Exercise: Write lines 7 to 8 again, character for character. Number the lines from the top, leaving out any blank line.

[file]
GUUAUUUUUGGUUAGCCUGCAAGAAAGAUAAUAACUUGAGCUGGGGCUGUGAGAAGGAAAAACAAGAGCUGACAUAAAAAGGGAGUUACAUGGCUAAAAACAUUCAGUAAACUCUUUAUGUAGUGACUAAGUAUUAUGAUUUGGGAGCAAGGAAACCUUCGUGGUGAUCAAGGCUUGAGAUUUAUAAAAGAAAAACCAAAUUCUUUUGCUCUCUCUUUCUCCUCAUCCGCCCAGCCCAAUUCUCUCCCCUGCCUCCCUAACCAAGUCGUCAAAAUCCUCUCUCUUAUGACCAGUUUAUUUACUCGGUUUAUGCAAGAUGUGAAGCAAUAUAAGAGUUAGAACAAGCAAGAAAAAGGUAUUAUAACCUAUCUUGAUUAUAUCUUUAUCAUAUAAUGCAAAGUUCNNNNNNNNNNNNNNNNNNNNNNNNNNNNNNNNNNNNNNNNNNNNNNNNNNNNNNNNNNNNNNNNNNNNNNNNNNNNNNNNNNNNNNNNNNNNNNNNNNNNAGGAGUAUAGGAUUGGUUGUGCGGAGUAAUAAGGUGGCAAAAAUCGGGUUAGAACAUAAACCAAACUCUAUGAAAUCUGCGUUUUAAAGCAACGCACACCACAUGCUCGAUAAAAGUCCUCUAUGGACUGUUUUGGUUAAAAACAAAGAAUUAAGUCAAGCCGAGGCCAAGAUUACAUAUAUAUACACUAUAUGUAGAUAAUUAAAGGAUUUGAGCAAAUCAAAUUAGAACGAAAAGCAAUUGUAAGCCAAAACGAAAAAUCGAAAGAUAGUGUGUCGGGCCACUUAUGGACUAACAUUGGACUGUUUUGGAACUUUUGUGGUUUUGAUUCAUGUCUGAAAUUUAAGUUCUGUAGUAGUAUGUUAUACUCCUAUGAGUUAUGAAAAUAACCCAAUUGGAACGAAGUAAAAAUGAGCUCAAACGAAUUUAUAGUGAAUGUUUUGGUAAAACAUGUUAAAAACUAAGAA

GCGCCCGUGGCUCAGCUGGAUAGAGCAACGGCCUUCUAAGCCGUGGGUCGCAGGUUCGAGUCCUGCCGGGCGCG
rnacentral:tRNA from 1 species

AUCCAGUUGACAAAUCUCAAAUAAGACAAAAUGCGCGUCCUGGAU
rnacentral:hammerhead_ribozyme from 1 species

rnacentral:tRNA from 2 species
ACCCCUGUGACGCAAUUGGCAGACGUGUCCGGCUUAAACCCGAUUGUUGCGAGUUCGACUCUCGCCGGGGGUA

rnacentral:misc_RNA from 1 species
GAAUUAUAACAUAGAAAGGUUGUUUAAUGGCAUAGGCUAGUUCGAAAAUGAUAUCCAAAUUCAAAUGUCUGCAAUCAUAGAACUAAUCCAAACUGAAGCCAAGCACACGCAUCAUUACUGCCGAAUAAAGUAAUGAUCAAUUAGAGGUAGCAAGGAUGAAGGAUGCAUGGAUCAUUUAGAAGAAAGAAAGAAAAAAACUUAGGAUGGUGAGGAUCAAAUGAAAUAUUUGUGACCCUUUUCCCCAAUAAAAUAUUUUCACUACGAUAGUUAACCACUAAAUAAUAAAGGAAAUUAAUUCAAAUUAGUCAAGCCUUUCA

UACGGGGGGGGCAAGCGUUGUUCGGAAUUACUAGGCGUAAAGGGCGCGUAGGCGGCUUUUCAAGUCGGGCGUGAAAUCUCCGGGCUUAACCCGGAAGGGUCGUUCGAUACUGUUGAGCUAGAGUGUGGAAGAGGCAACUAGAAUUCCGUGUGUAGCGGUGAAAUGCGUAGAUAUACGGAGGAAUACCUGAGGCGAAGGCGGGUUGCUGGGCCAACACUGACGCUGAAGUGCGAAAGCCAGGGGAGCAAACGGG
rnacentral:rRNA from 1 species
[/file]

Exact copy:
ACCCCUGUGACGCAAUUGGCAGACGUGUCCGGCUUAAACCCGAUUGUUGCGAGUUCGACUCUCGCCGGGGGUA

rnacentral:misc_RNA from 1 species